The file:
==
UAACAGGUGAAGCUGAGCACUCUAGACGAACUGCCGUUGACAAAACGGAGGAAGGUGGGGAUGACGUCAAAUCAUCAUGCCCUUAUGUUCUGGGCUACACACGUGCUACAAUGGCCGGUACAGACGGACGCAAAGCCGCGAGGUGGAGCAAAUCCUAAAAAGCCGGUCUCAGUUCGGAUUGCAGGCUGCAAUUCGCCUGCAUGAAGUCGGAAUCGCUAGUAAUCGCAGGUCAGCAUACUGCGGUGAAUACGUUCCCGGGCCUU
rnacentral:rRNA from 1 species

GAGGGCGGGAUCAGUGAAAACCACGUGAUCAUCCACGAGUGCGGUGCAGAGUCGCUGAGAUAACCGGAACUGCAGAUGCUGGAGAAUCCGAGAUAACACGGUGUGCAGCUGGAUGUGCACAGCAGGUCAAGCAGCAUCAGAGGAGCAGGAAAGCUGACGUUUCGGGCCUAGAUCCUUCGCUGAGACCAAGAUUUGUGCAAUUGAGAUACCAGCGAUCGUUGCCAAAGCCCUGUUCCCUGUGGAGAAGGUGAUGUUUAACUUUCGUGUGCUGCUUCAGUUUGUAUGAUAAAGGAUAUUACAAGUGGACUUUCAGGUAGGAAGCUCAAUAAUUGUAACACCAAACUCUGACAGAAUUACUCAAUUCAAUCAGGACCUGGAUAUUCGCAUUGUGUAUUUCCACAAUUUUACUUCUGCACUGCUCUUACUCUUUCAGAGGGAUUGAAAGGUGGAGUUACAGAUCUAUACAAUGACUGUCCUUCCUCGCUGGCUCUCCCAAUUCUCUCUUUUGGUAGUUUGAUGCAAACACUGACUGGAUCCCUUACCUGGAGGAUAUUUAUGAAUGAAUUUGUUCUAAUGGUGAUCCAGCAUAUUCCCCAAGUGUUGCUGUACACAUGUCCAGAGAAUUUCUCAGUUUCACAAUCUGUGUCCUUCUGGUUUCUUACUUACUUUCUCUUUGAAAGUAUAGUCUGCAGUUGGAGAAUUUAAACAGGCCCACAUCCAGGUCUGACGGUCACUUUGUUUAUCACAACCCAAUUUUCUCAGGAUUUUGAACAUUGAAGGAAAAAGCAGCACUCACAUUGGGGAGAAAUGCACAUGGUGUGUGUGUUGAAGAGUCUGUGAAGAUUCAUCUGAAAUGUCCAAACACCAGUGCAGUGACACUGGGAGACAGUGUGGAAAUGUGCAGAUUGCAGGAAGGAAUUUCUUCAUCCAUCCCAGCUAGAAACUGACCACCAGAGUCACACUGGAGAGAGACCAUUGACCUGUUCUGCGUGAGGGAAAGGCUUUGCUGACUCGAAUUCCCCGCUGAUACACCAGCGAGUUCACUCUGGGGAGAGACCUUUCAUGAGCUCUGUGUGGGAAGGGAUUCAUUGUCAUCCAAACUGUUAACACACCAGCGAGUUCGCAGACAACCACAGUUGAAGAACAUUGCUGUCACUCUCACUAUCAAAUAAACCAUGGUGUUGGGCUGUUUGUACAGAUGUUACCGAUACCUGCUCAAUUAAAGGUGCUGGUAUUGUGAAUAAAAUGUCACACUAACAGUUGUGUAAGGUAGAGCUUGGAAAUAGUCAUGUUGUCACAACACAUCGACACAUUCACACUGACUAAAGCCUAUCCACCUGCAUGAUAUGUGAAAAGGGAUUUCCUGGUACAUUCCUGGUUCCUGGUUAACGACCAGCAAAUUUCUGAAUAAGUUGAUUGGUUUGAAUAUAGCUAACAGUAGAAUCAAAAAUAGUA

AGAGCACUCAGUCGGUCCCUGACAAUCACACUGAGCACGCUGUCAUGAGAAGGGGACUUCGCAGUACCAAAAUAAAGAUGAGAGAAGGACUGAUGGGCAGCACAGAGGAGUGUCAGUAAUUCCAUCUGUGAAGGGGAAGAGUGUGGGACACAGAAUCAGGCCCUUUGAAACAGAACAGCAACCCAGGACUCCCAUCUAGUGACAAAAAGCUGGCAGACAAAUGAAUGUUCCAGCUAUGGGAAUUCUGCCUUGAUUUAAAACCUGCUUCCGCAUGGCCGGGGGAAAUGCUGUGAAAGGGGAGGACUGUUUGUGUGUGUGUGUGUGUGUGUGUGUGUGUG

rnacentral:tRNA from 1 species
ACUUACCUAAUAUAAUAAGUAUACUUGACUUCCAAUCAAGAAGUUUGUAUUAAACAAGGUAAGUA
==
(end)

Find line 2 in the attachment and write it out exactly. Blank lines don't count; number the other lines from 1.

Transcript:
rnacentral:rRNA from 1 species